Nearly 600 miles east of the Gage Hotel, in Galveston, Bryan puts his money where his mouth is, as more than 70,000 artifacts from the American West sit on display in the Bryan Museum, a renovated 19th-century orphanage. The museum presents the largest collection of “Texana” (artifacts relating to the culture and heritage of Texas) known to man, providing a detailed and chronological account of Texas and the American West.

And every last bit of it belongs to J.P. Bryan.

“There are people who have great collections but aren’t great collectors,” Bryan says. “They hire somebody to go out and build a great collection because they think it gives them distinction. And then there are people who collect the right things in a particular area. They have a good appreciation of it and collect the very best. And they’re the great collectors.”

So does that make Bryan, who has spent a lifetime collecting and preserving Texas’ history, one of the greats? He laughs. “Well, if I’d been only a collector and not an entrepreneur, I would’ve been a better collector,” he says. “And if I had only been an entrepreneur, I’d probably be a better one of those, too.”

That’s not to say there weren’t missteps along the way. Like buying a forgery of the Texas Declaration of Independence — likely created by one of Bryan’s own in-laws and sold to him by one of his closest friends and former business partners, the infamous (if not notorious) rare book collector John Holmes Jenkins. “I’ve been fooled — don’t misunderstand me,” Bryan says.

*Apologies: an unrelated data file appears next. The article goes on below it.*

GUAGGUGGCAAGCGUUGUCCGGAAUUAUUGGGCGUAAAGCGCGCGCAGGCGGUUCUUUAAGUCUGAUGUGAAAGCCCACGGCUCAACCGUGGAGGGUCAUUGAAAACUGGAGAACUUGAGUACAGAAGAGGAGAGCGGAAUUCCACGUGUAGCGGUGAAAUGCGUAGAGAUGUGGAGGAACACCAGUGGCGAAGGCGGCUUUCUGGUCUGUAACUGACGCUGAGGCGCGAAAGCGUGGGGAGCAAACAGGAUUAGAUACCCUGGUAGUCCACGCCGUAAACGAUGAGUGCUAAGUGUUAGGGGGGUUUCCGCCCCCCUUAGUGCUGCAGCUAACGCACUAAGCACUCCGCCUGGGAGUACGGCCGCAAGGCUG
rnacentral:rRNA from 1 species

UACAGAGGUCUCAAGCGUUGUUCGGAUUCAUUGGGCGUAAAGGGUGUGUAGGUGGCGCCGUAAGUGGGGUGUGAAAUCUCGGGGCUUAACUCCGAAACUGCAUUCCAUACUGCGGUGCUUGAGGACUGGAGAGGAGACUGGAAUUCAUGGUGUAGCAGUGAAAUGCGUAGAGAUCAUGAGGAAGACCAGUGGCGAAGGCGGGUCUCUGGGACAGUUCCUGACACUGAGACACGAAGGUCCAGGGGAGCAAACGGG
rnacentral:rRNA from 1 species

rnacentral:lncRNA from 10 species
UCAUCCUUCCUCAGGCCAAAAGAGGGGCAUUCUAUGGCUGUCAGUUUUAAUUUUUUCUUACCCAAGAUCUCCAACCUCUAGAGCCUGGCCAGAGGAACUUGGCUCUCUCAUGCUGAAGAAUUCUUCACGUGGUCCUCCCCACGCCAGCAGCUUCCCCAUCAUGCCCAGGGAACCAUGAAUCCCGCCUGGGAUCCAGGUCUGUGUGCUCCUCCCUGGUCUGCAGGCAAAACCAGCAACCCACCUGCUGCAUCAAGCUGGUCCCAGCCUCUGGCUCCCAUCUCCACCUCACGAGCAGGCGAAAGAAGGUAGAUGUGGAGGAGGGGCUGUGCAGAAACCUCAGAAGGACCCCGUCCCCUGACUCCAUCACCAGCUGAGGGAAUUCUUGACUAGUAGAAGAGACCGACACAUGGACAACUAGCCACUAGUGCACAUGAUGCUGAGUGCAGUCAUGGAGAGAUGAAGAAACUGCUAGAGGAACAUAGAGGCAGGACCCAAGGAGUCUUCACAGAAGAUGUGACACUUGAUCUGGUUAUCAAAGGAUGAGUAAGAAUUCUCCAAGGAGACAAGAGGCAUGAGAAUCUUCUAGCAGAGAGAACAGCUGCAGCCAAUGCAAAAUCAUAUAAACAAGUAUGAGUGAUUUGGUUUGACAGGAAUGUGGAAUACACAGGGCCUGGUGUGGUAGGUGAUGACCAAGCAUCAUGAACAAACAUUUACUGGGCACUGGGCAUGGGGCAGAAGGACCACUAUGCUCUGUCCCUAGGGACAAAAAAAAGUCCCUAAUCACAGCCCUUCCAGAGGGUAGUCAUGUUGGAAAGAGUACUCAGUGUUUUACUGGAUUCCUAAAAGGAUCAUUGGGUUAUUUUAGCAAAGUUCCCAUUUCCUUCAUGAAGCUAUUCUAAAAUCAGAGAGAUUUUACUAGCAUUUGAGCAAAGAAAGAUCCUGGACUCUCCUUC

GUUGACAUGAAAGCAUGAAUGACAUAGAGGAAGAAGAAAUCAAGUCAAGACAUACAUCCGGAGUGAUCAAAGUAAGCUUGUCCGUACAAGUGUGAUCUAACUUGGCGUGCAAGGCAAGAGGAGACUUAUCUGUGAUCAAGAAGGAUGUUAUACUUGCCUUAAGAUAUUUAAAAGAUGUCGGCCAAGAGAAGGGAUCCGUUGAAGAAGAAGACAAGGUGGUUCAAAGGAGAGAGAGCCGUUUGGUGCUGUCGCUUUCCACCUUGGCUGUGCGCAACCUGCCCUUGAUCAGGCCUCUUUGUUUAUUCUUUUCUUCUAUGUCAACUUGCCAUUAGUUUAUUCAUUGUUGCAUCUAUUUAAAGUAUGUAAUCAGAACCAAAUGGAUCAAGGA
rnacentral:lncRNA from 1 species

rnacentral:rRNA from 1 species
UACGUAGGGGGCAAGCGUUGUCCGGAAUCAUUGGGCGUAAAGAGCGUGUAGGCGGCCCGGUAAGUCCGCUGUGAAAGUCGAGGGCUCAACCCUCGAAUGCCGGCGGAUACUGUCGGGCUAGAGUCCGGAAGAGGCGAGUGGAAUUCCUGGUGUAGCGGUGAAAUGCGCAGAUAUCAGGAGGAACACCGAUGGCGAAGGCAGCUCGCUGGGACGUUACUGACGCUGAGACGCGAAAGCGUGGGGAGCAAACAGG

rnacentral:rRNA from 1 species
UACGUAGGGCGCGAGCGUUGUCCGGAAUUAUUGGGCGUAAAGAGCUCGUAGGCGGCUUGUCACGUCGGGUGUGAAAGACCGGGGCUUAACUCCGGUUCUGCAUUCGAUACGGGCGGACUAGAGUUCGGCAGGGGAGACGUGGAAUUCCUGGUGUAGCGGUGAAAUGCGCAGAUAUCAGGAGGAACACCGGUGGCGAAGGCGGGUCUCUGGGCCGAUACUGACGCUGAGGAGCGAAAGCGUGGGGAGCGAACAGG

“I’ve bought fakes or things I thought were better than they are. But for the most part collecting served me well. I generally back it up with a pretty decent reservoir of appreciation. There are certain things I know a lot about, almost more than anybody who’s ever tried to sell it to me. But you don’t want the seller to know that. You just act like you believe what they’re telling you.”

Bryan’s keen eye and willingness to embrace the gamesmanship of collecting helped him establish an undeniably impressive collection. Along the way he’s hosted it in various places, including his residences, the downtown Torch Energy offices, and the University of Texas’ Harry Ransom Center. Now it’s all on display for the world to see in Galveston.

For Bryan, creating the museum is an exercise in being prosperous with his assets while serving his interests over his self-interest.

“The shortest-lived human emotion is gratitude,” Bryan says. “You’re going down the wrong path if you’re being charitable only because you expect someone to show you gratitude. You’re going to be sorely disappointed.” Bryan speaks honestly, mentioning a handful of his charitable endeavors he’d prefer to keep private for that reason.

“Don’t do something because you think it makes you more noticeable or important but because you believe the cause is more important than you are personally,” he says. For Bryan, that cause is keeping people engaged and excited about history, which he believes sits atop all other educational disciplines in terms of importance.

“We have a lot of doctors come into the museum and say, ‘I like what I’m seeing here, because I never cared much for history growing up,’” Bryan says. “That’s a shame, because if you know the history of medicine, it’s not going to make you a doctor — but it will make you a better one.”

Bryan pauses before emphasizing his point. “Any time you understand the history of your profession, or your world, you have a better perspective on how to react and respond to it,” he says. “It’s not learn and live, it’s live and learn — and we learn from the history that was lived by others.”